Technology Can’t Save Supply Chains from Every Risk

The great technological advancements that have been made in recent years can make life a lot easier for businesses, but there are still some situations where it simply can’t help.

A number of disasters could throw a wrench in your supply chain. Fires, port strikes, floods, tsunamis, earthquakes and even terrorist attacks are just a few of the unpredictable occurrences that technology can’t save us from.

Nevertheless, managers can – and should – take some precautions to help diminish the impact of such scenarios when they do occur.

First of all, protecting sensitive information that flows from suppliers to manufacturers and vice versa is essential given the possibility of cyber breaches. Product safety and reliability must also be constantly ensured.

Companies also need to maintain a deep knowledge of their suppliers. Initial vetting is not enough; they must continuously monitor them to uncover potential vulnerabilities, such as an overreliance on sole sourcing.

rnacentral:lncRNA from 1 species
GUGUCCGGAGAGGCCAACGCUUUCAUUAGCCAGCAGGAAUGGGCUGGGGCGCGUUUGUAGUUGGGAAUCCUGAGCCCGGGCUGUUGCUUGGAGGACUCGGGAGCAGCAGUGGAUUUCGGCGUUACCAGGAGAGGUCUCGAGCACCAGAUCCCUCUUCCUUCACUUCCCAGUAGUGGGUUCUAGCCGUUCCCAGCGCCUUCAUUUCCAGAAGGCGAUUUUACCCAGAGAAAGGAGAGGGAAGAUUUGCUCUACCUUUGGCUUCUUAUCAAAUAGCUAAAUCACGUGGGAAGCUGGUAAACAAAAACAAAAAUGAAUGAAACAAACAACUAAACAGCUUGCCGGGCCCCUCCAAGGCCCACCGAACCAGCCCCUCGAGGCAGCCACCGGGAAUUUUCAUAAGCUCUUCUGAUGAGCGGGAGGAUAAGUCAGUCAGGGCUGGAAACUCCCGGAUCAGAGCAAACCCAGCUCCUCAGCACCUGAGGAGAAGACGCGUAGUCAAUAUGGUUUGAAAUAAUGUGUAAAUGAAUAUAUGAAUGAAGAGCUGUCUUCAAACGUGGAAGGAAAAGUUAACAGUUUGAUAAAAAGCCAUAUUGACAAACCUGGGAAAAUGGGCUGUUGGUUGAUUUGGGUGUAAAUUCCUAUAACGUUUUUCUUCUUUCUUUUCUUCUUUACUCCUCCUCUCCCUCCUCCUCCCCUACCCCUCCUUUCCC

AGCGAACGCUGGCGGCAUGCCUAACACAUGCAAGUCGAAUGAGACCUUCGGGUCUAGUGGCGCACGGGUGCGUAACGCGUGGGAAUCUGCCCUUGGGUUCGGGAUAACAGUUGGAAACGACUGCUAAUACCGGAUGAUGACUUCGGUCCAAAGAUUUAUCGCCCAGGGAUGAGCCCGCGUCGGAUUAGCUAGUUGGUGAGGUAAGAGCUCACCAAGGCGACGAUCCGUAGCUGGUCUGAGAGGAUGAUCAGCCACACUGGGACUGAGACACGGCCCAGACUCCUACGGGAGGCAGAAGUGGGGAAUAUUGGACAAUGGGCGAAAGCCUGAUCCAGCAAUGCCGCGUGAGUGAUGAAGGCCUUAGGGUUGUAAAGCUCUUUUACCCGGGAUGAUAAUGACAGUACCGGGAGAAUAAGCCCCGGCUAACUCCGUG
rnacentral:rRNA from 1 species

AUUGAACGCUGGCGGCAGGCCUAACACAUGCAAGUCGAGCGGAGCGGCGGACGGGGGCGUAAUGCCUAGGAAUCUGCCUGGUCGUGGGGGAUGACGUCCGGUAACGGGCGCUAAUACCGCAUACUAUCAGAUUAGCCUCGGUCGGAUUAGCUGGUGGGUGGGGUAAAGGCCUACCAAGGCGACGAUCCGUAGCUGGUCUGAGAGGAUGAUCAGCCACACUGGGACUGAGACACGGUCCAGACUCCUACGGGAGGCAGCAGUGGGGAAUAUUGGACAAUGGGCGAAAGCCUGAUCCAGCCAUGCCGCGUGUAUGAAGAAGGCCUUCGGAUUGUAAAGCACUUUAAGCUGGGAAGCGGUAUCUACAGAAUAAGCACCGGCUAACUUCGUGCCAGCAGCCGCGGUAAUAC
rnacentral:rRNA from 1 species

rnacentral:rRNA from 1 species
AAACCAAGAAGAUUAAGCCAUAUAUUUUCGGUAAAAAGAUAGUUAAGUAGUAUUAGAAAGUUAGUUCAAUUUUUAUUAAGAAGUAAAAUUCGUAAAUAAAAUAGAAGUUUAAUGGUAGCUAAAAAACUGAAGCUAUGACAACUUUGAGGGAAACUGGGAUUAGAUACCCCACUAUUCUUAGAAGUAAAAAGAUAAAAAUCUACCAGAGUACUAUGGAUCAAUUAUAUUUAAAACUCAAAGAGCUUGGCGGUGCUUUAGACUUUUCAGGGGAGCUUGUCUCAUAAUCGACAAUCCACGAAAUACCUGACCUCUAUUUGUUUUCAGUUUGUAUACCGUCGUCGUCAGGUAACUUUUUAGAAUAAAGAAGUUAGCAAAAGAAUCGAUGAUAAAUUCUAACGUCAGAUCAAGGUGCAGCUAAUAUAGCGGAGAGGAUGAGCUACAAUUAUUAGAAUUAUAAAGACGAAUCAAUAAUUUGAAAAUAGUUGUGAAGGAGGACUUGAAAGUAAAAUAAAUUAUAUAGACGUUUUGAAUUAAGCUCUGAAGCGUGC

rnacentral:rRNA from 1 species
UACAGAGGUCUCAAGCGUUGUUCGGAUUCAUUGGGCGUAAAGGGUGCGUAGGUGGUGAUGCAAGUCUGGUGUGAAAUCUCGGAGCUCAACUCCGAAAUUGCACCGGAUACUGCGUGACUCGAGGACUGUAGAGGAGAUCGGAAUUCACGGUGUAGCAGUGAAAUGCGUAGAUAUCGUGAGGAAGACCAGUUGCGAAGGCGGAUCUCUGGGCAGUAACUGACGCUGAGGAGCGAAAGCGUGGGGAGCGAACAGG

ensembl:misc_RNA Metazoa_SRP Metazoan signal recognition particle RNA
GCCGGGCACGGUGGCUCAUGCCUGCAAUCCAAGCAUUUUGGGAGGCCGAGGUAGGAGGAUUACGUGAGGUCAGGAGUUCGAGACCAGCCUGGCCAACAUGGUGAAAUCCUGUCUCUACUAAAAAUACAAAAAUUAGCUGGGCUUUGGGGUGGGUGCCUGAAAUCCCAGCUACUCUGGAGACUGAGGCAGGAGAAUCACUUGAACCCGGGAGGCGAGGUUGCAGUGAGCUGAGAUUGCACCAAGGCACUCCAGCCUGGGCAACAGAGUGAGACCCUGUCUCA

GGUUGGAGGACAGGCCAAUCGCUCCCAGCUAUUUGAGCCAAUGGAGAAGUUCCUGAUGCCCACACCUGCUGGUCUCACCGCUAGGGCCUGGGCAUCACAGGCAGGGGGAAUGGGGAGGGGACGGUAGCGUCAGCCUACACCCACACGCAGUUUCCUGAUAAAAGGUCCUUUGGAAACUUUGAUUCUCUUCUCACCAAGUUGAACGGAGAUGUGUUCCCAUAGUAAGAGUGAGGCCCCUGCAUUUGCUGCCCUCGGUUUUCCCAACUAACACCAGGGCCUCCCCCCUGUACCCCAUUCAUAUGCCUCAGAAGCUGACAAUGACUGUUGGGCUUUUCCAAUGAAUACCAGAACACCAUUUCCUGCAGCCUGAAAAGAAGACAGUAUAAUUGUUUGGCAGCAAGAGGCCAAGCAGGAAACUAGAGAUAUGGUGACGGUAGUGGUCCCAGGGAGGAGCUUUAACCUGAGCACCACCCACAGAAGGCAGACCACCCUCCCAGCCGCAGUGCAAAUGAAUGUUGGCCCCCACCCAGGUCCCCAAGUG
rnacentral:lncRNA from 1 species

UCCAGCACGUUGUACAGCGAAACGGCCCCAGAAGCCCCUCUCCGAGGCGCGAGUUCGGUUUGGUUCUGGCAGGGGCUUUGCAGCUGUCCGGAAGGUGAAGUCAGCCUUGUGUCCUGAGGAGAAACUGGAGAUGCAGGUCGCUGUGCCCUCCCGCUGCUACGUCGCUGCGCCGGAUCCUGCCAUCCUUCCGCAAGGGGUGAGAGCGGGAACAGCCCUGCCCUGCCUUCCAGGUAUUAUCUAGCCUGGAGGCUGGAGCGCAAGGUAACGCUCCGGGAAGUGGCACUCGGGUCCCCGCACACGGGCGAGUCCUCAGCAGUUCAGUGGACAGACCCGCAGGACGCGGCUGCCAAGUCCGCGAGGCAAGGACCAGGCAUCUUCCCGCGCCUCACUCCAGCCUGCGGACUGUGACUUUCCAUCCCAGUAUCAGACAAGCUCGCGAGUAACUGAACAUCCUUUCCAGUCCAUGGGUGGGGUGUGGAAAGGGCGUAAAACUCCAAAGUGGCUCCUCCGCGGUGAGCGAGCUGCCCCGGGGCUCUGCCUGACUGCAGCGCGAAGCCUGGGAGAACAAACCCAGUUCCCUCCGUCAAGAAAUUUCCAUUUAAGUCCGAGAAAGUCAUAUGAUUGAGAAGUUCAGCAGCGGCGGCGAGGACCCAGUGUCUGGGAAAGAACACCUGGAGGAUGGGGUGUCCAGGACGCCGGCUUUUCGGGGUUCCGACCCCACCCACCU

Third parties can be used to help supplement data coming from suppliers and monitor supplier quality continuously. One element that should be given a lot of attention is ensuring humane working conditions at plants.

It’s also crucial to have a high level of oversight to ensure changes to product ingredients, sub-suppliers and the manufacturing process are communicated and researched. This can help avoid potential disasters brought about by the use of unapproved suppliers, which was reportedly the case in the collapse of the Rana Plaza building three years ago in Bangladesh.

Internal product safety committees and independent testing are good ways to go about ensuring he integrity of products, and individuals from several parts of the firm should all be involved and informed.

While none of these steps can help prevent a natural disaster, they can help keep overall risk in check. After all, nearly half of respondents in a the latest Business Risk Index by Travelers said they felt the world was going riskier, yet only a quarter of them felt they were doing a good job of preparing for it.

This blog post was based off an article from Supply Chain Brain. View the original here.

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